A tall, lean right-handed pitcher from Waco, Texas, Lynwood "Schoolboy" Rowe was an ace for the Detroit Tigers in 1934-35 when they won consecutive pennants and their first World Series title in the latter season.
Rowe was a useful player in several ways. Not only was he an excellent starting pitcher who won 62 games in his first three full seasons, he was used by Mickey Cochrane out of the bullpen in tight spots too. In addition, Rowe was a fine hitter, one of the best hitting pitchers of the 1930s. He actually served as a pinch-hitter in more than 100 games and hit .285 with five home runs off the bench.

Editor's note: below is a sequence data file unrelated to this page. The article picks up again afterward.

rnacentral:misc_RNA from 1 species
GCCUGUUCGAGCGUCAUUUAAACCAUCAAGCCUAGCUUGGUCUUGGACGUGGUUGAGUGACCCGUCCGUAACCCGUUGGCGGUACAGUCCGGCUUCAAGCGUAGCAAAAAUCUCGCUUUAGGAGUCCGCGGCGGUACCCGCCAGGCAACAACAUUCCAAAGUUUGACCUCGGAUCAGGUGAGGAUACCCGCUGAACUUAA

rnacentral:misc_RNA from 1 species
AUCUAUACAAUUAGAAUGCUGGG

Rowe was a bad-luck pitcher in the postseason, losing five of his six starts despite pitching well in many of them. In Game One of the '34 Series he retired 22 straight batters as he went 12 innings and defeated the Cardinals, 3-2 for his only postseason victory.
One of three pitchers to appear in three World Series for the Detroit Tigers, along with George Mullin and Wild Bill Donovan.
Won 16 consecutive games in 1934 on his way to a 24-8 record
After World War II (Rowe missed two full seasons while serving), he had a decent second career as a once-a-week starter for the Philadelphia Phillies.
In batting practice at the Polo Grounds, Rowe once hit a baseball into the upper reaches of the center field bleachers, a rare blast.